3 July 2014
North Queensland Register
MARKETS and economics as a driver of northern agricultural development is a key focus of Northern Australia Food Futures conference being held at Darwin from November 3-5.
Agronomists and technologists abound, but there are very few economists and market analysts in the north.
Research shows we can grow lots of crops, but making a profit is the key. Food Futures features the most recent market and economic analysis work to underpin northern agricultural development. This includes the Flinders Gilbert Study – Dr Peter Stone and Food and Fiber Study (Dr Andrew Ash). A keynote speaker will be Luke Chandler, Market Analyst for Rabobank Australia on market opportunities.
The success of northern farmers is very much about market and economic drivers. The most outstanding example of successful northern agriculture is the Vietnamese growers in Darwin. They now turn over around $60 million, despite initial barriers of a lack of English, a lack of finance, a lack of experience, a lack of knowledge, and no government support. Markets funded and drove their success. David Hanlon from The Right Mind, has been the most prolific economist and business analyst across northern Australia and across sectors for the last 35 years, will be part of the market and economics debate.
The most common development pathway is to make land and water and infrastructure available to investors. Food Futures features Peter Stubbs from WA’s Ord stage 2 development, making resources available for investors. Adding an additional development pathway based on market and economic drivers, is the focus of Food Futures.
Markets and economics are clearly the drivers of success. This analysis should drive what research, which crop, which area, what infrastructure. We don’t want government picking winners, rather have a suite of investment opportunities, with the right resources and infrastructure. Making land and water and infrastructure available is crucial. Who would have predicted the growth of sandalwood, chia or poppy? These investors just need resources to get on with the job. But we do need a suite of sound economic opportunities for northern agriculture in addition to just making land and water and infrastructure available.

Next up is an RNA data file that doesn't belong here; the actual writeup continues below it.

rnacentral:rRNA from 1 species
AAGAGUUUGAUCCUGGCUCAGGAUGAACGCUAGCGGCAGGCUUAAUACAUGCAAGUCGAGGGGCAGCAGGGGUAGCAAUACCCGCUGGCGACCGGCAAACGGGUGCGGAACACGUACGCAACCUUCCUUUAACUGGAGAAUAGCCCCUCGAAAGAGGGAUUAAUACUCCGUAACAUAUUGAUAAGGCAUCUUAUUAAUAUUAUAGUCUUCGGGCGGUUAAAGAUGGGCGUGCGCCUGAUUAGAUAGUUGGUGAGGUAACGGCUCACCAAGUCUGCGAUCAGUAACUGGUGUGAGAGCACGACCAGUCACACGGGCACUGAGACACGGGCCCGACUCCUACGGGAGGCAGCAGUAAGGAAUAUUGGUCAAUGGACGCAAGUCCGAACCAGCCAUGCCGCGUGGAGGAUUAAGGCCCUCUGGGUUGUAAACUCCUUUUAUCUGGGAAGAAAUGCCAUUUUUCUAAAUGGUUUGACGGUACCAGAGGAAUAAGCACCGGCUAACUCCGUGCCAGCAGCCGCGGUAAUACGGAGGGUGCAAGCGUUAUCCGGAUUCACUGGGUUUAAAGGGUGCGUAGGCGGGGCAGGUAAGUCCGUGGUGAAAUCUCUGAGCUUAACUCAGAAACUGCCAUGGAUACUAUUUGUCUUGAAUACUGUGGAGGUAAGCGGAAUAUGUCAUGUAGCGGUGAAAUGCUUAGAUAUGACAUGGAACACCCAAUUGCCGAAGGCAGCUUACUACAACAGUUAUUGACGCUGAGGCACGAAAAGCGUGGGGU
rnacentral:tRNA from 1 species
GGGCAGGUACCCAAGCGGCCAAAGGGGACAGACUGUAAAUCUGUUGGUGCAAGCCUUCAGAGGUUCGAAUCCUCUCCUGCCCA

We have done very little on making a profit. Economics needs to drive research programs. Too much research has been done by technologists in the absence of economic rigor. The proposed CRC for Northern Agriculture has a strong plank of economics and market drivers for research. Michael Guerin, CEO of the CRC Northern Agriculture bid will speak at Food Futures.
A good example of mis-directed research is 40 years of long grain rice research in the Top End compared to little on aromatic rice, Long rice gives a gross income per hectare of $2000/ha. Sale price is $300/ton so freight at around $100 ton i.e. 30 per cent of sale price. Aromatic rice gross income is $4000/ha and a sale price around $600/ton – freight is only 15pc of sale price. Australia imports 200,000 ton of aromatic rice valued at $120 million. Aromatic rice could succeed as part of a broadleaf grass 2 crop annual rotation in the north here it is best grown. Steve Donnelly of Blue Ribbon and Bob Williams of NT DPI will discuss these developments at Food Futures.
Soybean to Indonesia is another example. Indonesia imports 2 million ton of soy from US, Brazil and Argentina, valued around $2 billion. We have done very little research to capture a share of this market. Freight to Surabaya will be around $100/ton, around 10pc of sale price. Surely it is worthwhile doing some work to develop this large market opportunity. Dr Andrew James of CSIRO will present at Food Futures on breeding tropical adapted soy varieties for use in tofu and tempe markets in Indonesia. Terry Mills, former NT Chief Minister, will lead a panel of key Indonesian business people on agricultural opportunities with Indonesia.
Courtesy of the North Queensland Register
3 July 2014